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Private labels help retailers like BJ’s Wholesale Club appeal to value-oriented shoppers

The trend: Private label brands are offering retailers an opportunity to appeal to US consumers who are feeling squeezed by rising gasoline and food prices and looking for value.

  • BJ’s Wholesale Club’s private label brand penetration rose two percentage points year-over-year (YoY) in Q1 to 24%. That growth, along with a surge in gasoline sales, helped drive a 16.3% increase in sales and a 20.8% increase in adjusted net income on a per-share basis.
  • One bright spot for Target amid a challenging quarter was that its $30 billion private label brand portfolio grew faster than the retailer’s total sales in Q1, which is a trend that has continued for several years.

The opportunity: Inflation, which grew 8.3% in April, is having a noticeable impact on consumers’ wallets.

  • That presents an opportunity for retailers given that nearly 90% of US adults who had decided to switch to a private label brand did so because they found it to be better value, measured by quality for price, per our Private Label Flash Survey conducted in January 2022 by Bizrate Insights.
  • For example, BJ’s Wholesale Club in March introduced private label coffee pods, which it sells for about 40% less than branded competitors. Eight weeks after the product launch, the retailer has already seen strong repeat rates.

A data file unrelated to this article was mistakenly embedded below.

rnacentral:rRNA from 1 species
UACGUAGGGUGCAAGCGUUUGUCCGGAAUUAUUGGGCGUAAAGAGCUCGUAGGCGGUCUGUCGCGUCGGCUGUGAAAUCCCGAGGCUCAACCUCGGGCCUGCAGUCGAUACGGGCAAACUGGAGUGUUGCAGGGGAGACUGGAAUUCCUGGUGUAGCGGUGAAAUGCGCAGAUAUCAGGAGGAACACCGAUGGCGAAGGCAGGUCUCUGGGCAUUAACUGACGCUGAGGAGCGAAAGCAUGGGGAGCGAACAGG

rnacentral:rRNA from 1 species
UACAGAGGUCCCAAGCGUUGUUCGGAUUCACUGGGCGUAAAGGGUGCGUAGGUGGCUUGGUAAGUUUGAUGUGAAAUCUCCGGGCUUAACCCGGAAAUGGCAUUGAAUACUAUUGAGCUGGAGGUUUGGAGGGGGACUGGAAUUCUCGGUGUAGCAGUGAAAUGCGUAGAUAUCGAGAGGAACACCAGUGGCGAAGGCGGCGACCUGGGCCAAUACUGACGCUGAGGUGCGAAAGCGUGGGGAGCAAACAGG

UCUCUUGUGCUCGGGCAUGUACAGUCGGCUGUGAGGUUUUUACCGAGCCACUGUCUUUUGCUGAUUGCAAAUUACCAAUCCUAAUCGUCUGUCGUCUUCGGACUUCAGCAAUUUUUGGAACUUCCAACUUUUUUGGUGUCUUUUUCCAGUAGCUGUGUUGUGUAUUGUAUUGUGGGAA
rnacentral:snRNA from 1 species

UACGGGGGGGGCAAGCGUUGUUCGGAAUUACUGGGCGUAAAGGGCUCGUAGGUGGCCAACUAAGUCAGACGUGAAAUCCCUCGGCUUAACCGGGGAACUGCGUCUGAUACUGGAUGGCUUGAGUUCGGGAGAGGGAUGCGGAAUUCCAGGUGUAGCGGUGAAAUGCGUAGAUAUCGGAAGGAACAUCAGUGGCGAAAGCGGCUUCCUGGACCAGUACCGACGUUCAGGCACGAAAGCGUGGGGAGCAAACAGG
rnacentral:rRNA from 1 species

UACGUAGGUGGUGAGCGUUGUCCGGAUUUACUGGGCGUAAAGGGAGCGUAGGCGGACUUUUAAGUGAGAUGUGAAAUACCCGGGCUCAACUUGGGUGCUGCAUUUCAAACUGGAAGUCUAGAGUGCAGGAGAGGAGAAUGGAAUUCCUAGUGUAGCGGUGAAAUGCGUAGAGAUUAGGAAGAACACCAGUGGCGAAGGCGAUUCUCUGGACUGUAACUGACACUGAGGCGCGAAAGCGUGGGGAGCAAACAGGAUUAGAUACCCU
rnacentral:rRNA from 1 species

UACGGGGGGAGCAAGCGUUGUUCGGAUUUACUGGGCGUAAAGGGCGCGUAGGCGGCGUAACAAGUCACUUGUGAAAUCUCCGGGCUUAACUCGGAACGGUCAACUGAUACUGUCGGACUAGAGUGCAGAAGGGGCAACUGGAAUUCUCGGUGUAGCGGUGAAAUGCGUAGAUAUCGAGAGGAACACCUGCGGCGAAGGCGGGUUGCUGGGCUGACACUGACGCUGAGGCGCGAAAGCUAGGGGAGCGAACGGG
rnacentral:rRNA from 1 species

Better margins: Private label brands help boost retailers’ bottom lines and give them control over the price, product cost, and marketing of the brands.

  • Boxed’s private label products have a roughly six-point margin advantage over branded products, CFO Mark Zimowski said during the retailer’s earnings call. That’s why the company is investing to improve the penetration of those items.
  • Bed Bath & Beyond, which increased its private label penetration from 10% in 2020 to 25% at the end of FY21, is looking to those sales as a key piece of its turnaround strategy.
  • In addition to better margins, retailers such as Trader Joe’s have long used private label products to differentiate their offerings and build long-term loyalty.

The challenge: BJ’s has long carried a smaller assortment of SKUs than its competitors, which enabled it to benefit from consumers’ shift to private label products.

  • But retailers such as Walmart don’t have that agility because they can’t simply replace branded products with private label items without irritating consumers. That puts the onus on the retailer to optimize its product mix or risk having excess inventory (which, in the case of Walmart in Q1, also stemmed from items arriving late due to supply chain issues).

The big takeaway: Amid a challenging and competitive retail environment, private labels can help retailers demonstrate value to new and existing consumers.

  • That can help boost their margins and, at the same time, build customer loyalty.